They asked me, "Who do you want to work with?" and my first name was Bobbi Jene Smith... I just think she's such a strong female voice in the choreographic sphere of New York City, and I wanted to take this opportunity to work with her. She immediately said yes, and we brainstormed ideas, and one of them that came to mind was inspired by a scene in Romeo and Juliet.

The backstory of this is that I've never done Romeo and Juliet, never got to play the role of Juliet and I've always wanted to, but I've always been told that I'm too mature looking or I'm too tall, or I would overtake my partner, or I'm just not childish... So, I wanted to take this on just because I didn't think that Juliet was just that, that's not what she is, she's so much more than that. And Bobbi and I agreed. And so, taking on this scene where it's about Juliet growing up and starting to become a woman, and having thoughts like a woman and waiting for her new husband to come home at night, all of these things that maybe people don't want to address in a big production, or don't know how to. Bobbi would listen to the words of the play and then get inspired by those words and come in with material.

How involved were you in the process of creating the interpretation with Bobbi?

Bobbi and I would talk about it a lot. A lot of our time together when we would meet was actually talking about the scene and who Juliet is, and what she would be if it [took place] now, and how would she react right now? Really breaking down every aspect of it. When I would be sitting there going through the different movements, that really informed me of like, "Okay, this is not so foreign to me because I am a woman and I have been there," so I can access all of these feelings that she is going through in the play.

Bobbi would make the material, but it was a collaboration in that I would try it, she would see something different and go, "Do that instead," or I would say, "Can I do this here?" It was very much a collaboration. And then she brought her husband in, Or [Schraiber] who also works with her. And he helped create content, and asked questions, and watched, and gave us advice or an opinion or any comments. It was a very close, intimate collaboration.

What was the filming process like?

We filmed it in one afternoon at this massive, abandoned, broken-down mansion in Long Island that Bobbi's friend found for us, and he's a scouter and interior designer. He knew about this place because someone had bought it, and they were going to completely renovate it, and before they were going to renovate it he said, "You guys should use this." We had a couple of days to say yes, and so we did. We drove up there one morning and used the natural light and filmed it in one afternoon in this broken-down place that had no heat, no running water, no toilet, no nothing. It was sort of crazy, but amazing at the same time. We had a cinematographer Trevor [Tweeten] that came, and he was a one-man-show, he did everything, he did the lighting, the filming, the camera, the set stuff, it was crazy. There were only five of us there, and we just went in and got out and it was like nothing happened, and it was sort of nuts, but we made it happen.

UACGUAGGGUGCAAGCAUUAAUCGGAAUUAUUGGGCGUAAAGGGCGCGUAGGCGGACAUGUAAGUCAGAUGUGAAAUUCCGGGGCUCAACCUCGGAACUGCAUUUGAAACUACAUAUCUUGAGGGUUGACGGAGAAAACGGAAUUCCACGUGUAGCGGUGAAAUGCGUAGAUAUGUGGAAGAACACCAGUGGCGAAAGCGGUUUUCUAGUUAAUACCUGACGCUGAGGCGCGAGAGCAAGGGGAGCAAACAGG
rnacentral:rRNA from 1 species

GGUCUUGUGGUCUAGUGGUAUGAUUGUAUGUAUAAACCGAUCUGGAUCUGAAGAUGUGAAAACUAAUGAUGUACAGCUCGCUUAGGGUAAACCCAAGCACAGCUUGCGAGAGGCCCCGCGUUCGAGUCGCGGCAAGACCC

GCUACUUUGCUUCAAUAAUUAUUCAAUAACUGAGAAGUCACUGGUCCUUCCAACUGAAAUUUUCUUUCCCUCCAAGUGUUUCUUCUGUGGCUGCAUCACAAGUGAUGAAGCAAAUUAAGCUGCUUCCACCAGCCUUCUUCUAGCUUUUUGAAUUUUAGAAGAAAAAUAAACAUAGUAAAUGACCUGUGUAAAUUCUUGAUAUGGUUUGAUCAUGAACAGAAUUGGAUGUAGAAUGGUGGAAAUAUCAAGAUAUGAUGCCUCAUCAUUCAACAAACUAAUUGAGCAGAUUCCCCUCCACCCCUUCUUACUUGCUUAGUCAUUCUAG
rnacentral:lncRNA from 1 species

Can you tell me about any other projects that you have coming up?

I have stuff in May and June coming up, but I can't really say because it's not announced yet! But I do have stuff coming up that is very exciting, and I'm building up to that. I also am working on a larger project that is going to happen in March of 2022 at The Joyce Theater, it's a whole evening and it's going to be a bunch of new works and some other things, so I am slowly and consistently working on that with my collaborators that are all here in New York. And obviously, revving up for New York City Ballet, we're hoping to start rehearsing in August and open in the fall season, which is awesome.

How has your connection to dance changed during this past year?

I've always been a huge bunhead and a huge movement geek, and I think it got even deeper this past year because I couldn't do what I normally do, I couldn't go to the theater and do ballet. And so, I sought out everything else possible, and I've been exposed to collaborators I never would have before, and choreographers online. I think I became even more obsessed with finding new challenges because I had the time, and I tried to make those things happen because I don't know if when we come back that I would have the time to do that, so why not do it now? I didn't feel like I wanted to waste this year. I didn't want to look back on this year and feel like it was lost. Now I can really say that I used it as best as I could, and I don't consider any of it lost, which is really satisfying to me, and I'm really grateful for this time.

Going forward, when life returns to some sort of normalcy, what direction do you see yourself going into with dance?

I definitely have big plans, and I'm brainstorming things that I want to do. It's sort of like I was waiting for things to come to me, but now I'm like, "I'm not going to wait anymore, I don't have time for that." I'm just going to go after things and ask for them, and make it happen because no one else is going to. I'm in charge of my own journey, so I need to make it happen. So, that's how I'm approaching these next couple of years. Obviously, a lot of my time is going to be devoted to New York City Ballet because losing a year at New York City Ballet is devastating to me, and I know to all of my colleagues, and a lot of my intention will be focused on that because it's so sacred, it's so special to me. I've already looked at the season schedules and looked at all of the ballets we're going to get to do, I've become such a bunhead. I'm just like, "Oh my god, I'm so excited to get to do that!" Even though it's nine months away, I'm already thinking about it. That's who I am, and I am just really excited for all of that to be coming back.

Photo credit: Trevor Tweeten